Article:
Asian Pacific American Heritage Month at Oath: Raising your voice
Joyce Lee isn't shy about speaking up. "I'm in a fortunate position," says the co-lead of Oath's Asian-advocacy employee resource group, elevAsian. Passionate about social issues and career development within the Asian community, Joyce has been busy this Asian Pacific American Heritage Month, organizing everything from an Asian entrepreneurship panel to rallying behind colleagues struggling with visa issues. "I don't want people without a voice to be picked on."
We sit down with Joyce for coffee to learn more.
Name: Joyce Lee
Title: Director on the Global Data Sales and Operations org
Location: New York, NY
Years at Oath: 5
Previous employers: Adap.tv (acquired by AOL in 2013), OMD (LA, San Francisco, and Sydney), Zenithmedia (Sydney), and a few radio stations (Sydney)
Education: Charles Sturt University, Bathurst (Australia)
Major: Bachelor of Communication—Broadcast Journalism
Hometown: Sydney, Australia and Hong Kong
Outside of work: Aerialist (lyra and pole), sailor, scuba diver, kitchen experimenter, forever globetrotter
Oath: Embrace the journey
Tell us about your role at Oath.
My specific role is to work with key internal partners to build, launch, and increase access to our first-party data targeting products for advertising.
What made you want to go into the media and technology space?
It was accidental! My passion has always been (and still is) understanding what motivates people and their personal journeys. Despite landing a job at Sydney's (Australia) largest radio station after college, I didn't feel it was providing me with this opportunity. I eventually ended up at a media agency during a time where TV, print and radio were converging with digital—this is when I switched fulltime to working in ad tech, specializing in video initially.
You're a global co-lead for elevAsian—tell us more about Asian Pacific American Heritage Month and what Oath has been doing for it?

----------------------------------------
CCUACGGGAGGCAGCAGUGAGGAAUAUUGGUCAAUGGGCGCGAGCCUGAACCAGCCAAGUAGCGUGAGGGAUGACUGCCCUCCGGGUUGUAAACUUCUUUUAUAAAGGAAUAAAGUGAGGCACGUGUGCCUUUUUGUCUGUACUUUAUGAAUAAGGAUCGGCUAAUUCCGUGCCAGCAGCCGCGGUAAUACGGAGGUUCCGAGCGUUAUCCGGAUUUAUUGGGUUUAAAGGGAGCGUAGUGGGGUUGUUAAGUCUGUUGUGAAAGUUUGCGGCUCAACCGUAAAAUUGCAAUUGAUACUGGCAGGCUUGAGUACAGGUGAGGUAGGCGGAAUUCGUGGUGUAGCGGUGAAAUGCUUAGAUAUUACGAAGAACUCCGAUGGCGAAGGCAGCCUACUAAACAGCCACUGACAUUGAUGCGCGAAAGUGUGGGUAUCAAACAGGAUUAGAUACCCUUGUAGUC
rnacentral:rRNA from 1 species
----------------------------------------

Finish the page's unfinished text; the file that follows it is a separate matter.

APAHM in May is a chance for elevAsian to highlight voices and invite open dialogue amongst Oath employees learning about someone's personal journey.
Asians are not a monolithic community—we can be 'fresh off the boat' or Americans learning about our Asian roots later in life. Our families can be from populous countries like China, India, and Taiwan, or tiny republics formed no more than 30 years ago. We may be economic migrants seeking better opportunities, or refugees fleeing war. We can be celebrities or humble folks making everyday life happen.
Why is diversity important in the tech space?
Why shouldn't all industries be reflective of the consumers they serve? Truthfully, it's being honest with ourselves and acknowledging each of us comes with blind spots: our education, experience, cultural identity, and background are only one view of the world. Being around people who come from different places shows us what we're not seeing. Having a diverse workforce—especially in tech—is the only way we can serve our consumers authentically.
Another point of view is that due to tech's lower cost of entry vs other industries, like manufacturing, tech is better positioned to solve many of the world's biggest issues: the economy, education, health care, the environment, etc. Macro issues are resolved by understanding the micro, local causes and only diversity will bring this intel.
What advice do you have for diverse candidates thinking of entering tech?
Professionally, consider technology as an enabler vs stand-alone industry. Even if your passion is something seemingly non-technical, being open-minded to working with technology in your field will open up a world of opportunities.
Personally, be authentic to yourself, to those around you, and simply be a damn good human. Barriers are meant to be taken down so it might as well be you.